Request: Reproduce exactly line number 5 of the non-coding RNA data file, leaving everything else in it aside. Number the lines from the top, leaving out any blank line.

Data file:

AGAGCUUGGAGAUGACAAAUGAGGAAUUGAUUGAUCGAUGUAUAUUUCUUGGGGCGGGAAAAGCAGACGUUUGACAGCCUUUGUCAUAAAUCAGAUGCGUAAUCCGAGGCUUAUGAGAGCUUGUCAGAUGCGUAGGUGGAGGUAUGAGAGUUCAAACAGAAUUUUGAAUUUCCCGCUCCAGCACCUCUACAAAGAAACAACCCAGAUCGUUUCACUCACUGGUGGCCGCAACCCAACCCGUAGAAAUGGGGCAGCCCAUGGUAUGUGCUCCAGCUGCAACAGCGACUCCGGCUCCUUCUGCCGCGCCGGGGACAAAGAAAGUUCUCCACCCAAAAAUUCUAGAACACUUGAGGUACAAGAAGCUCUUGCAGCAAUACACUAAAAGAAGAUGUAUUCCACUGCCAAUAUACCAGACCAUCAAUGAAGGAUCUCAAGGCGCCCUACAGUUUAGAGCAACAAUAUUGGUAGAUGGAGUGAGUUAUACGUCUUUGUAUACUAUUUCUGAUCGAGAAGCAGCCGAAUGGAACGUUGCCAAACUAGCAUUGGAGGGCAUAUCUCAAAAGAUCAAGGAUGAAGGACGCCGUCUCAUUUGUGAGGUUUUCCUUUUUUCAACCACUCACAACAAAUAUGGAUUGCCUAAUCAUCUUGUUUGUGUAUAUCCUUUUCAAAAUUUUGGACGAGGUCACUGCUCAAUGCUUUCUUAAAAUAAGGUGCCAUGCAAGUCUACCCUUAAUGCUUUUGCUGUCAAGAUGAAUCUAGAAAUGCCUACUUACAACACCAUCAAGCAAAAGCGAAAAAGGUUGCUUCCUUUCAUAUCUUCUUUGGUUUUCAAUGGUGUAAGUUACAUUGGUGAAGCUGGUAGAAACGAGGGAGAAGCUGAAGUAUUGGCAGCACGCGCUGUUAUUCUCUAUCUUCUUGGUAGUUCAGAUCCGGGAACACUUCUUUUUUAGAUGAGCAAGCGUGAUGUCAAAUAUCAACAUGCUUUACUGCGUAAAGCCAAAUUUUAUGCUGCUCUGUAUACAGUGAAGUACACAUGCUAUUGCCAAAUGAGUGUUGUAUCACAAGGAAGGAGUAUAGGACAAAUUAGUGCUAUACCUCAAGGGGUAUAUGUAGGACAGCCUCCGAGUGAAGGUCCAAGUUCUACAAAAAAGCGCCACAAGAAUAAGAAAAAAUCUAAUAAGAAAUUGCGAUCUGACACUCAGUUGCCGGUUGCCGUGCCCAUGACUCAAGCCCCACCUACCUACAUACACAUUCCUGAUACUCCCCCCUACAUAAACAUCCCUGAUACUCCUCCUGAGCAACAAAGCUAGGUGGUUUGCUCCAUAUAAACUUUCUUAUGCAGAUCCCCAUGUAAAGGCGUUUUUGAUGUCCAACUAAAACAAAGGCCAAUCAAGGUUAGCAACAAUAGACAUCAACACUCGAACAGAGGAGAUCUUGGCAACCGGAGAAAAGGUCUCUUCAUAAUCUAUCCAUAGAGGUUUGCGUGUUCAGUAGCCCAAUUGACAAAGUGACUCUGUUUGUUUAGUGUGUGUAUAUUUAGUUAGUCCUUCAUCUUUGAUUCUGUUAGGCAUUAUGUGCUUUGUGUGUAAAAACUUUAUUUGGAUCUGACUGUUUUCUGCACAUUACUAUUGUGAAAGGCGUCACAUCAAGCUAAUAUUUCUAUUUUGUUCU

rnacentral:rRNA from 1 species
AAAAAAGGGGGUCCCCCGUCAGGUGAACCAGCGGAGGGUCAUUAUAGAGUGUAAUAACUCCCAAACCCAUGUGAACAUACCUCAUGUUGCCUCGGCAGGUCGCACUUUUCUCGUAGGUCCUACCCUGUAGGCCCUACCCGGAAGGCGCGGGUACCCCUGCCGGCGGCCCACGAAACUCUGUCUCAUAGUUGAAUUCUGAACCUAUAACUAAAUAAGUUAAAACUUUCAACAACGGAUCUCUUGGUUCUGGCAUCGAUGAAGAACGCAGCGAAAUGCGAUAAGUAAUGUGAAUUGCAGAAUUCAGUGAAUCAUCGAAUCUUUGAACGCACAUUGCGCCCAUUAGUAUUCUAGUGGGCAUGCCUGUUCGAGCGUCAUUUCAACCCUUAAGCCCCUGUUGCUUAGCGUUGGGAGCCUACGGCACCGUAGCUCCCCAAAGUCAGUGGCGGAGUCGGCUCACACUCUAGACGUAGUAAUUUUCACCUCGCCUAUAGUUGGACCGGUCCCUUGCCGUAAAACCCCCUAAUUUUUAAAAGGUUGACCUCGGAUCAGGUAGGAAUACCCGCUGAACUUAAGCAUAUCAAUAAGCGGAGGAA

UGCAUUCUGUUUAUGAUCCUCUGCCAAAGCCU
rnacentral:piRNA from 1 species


rnacentral:piRNA from 1 species